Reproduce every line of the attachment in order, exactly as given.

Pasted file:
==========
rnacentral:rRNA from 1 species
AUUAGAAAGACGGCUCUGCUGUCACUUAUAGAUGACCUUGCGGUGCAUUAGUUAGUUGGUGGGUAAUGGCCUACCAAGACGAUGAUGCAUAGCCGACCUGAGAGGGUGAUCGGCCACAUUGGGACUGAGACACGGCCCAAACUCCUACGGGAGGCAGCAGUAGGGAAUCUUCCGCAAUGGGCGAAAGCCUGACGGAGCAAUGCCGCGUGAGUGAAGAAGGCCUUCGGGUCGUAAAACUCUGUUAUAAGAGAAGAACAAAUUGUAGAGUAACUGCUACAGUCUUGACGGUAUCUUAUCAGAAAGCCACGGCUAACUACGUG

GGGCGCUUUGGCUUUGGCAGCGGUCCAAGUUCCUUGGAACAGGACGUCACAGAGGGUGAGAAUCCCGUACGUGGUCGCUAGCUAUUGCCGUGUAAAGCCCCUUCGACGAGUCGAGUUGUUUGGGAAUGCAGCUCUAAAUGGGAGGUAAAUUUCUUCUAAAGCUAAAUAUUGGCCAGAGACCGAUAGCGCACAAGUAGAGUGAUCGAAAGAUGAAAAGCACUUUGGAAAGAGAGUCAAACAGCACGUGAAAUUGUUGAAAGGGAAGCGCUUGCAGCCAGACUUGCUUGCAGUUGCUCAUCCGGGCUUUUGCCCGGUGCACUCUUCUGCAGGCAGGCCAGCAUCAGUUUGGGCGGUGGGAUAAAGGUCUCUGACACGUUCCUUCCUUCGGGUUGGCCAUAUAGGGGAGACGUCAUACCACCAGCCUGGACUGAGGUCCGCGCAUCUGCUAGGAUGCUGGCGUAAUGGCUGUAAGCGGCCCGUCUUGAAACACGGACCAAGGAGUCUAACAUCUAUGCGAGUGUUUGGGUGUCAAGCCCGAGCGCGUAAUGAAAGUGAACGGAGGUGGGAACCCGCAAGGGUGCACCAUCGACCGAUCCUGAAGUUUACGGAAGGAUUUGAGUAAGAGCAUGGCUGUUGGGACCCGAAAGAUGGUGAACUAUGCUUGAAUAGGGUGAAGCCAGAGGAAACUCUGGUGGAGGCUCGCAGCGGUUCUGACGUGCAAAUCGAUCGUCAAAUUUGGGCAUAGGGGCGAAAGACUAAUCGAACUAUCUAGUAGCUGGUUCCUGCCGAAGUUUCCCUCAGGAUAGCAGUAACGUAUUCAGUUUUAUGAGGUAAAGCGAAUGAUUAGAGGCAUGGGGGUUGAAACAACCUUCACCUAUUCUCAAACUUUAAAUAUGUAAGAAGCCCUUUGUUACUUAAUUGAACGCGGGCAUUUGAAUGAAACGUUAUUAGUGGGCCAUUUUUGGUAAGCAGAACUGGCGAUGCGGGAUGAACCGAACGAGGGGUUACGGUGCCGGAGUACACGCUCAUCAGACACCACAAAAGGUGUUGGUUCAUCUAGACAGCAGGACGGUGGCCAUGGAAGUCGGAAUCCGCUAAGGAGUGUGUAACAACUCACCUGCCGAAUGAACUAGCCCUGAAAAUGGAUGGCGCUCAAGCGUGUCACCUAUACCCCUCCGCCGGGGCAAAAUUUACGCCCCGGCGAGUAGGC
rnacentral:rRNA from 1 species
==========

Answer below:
rnacentral:rRNA from 1 species
AUUAGAAAGACGGCUCUGCUGUCACUUAUAGAUGACCUUGCGGUGCAUUAGUUAGUUGGUGGGUAAUGGCCUACCAAGACGAUGAUGCAUAGCCGACCUGAGAGGGUGAUCGGCCACAUUGGGACUGAGACACGGCCCAAACUCCUACGGGAGGCAGCAGUAGGGAAUCUUCCGCAAUGGGCGAAAGCCUGACGGAGCAAUGCCGCGUGAGUGAAGAAGGCCUUCGGGUCGUAAAACUCUGUUAUAAGAGAAGAACAAAUUGUAGAGUAACUGCUACAGUCUUGACGGUAUCUUAUCAGAAAGCCACGGCUAACUACGUG

GGGCGCUUUGGCUUUGGCAGCGGUCCAAGUUCCUUGGAACAGGACGUCACAGAGGGUGAGAAUCCCGUACGUGGUCGCUAGCUAUUGCCGUGUAAAGCCCCUUCGACGAGUCGAGUUGUUUGGGAAUGCAGCUCUAAAUGGGAGGUAAAUUUCUUCUAAAGCUAAAUAUUGGCCAGAGACCGAUAGCGCACAAGUAGAGUGAUCGAAAGAUGAAAAGCACUUUGGAAAGAGAGUCAAACAGCACGUGAAAUUGUUGAAAGGGAAGCGCUUGCAGCCAGACUUGCUUGCAGUUGCUCAUCCGGGCUUUUGCCCGGUGCACUCUUCUGCAGGCAGGCCAGCAUCAGUUUGGGCGGUGGGAUAAAGGUCUCUGACACGUUCCUUCCUUCGGGUUGGCCAUAUAGGGGAGACGUCAUACCACCAGCCUGGACUGAGGUCCGCGCAUCUGCUAGGAUGCUGGCGUAAUGGCUGUAAGCGGCCCGUCUUGAAACACGGACCAAGGAGUCUAACAUCUAUGCGAGUGUUUGGGUGUCAAGCCCGAGCGCGUAAUGAAAGUGAACGGAGGUGGGAACCCGCAAGGGUGCACCAUCGACCGAUCCUGAAGUUUACGGAAGGAUUUGAGUAAGAGCAUGGCUGUUGGGACCCGAAAGAUGGUGAACUAUGCUUGAAUAGGGUGAAGCCAGAGGAAACUCUGGUGGAGGCUCGCAGCGGUUCUGACGUGCAAAUCGAUCGUCAAAUUUGGGCAUAGGGGCGAAAGACUAAUCGAACUAUCUAGUAGCUGGUUCCUGCCGAAGUUUCCCUCAGGAUAGCAGUAACGUAUUCAGUUUUAUGAGGUAAAGCGAAUGAUUAGAGGCAUGGGGGUUGAAACAACCUUCACCUAUUCUCAAACUUUAAAUAUGUAAGAAGCCCUUUGUUACUUAAUUGAACGCGGGCAUUUGAAUGAAACGUUAUUAGUGGGCCAUUUUUGGUAAGCAGAACUGGCGAUGCGGGAUGAACCGAACGAGGGGUUACGGUGCCGGAGUACACGCUCAUCAGACACCACAAAAGGUGUUGGUUCAUCUAGACAGCAGGACGGUGGCCAUGGAAGUCGGAAUCCGCUAAGGAGUGUGUAACAACUCACCUGCCGAAUGAACUAGCCCUGAAAAUGGAUGGCGCUCAAGCGUGUCACCUAUACCCCUCCGCCGGGGCAAAAUUUACGCCCCGGCGAGUAGGC
rnacentral:rRNA from 1 species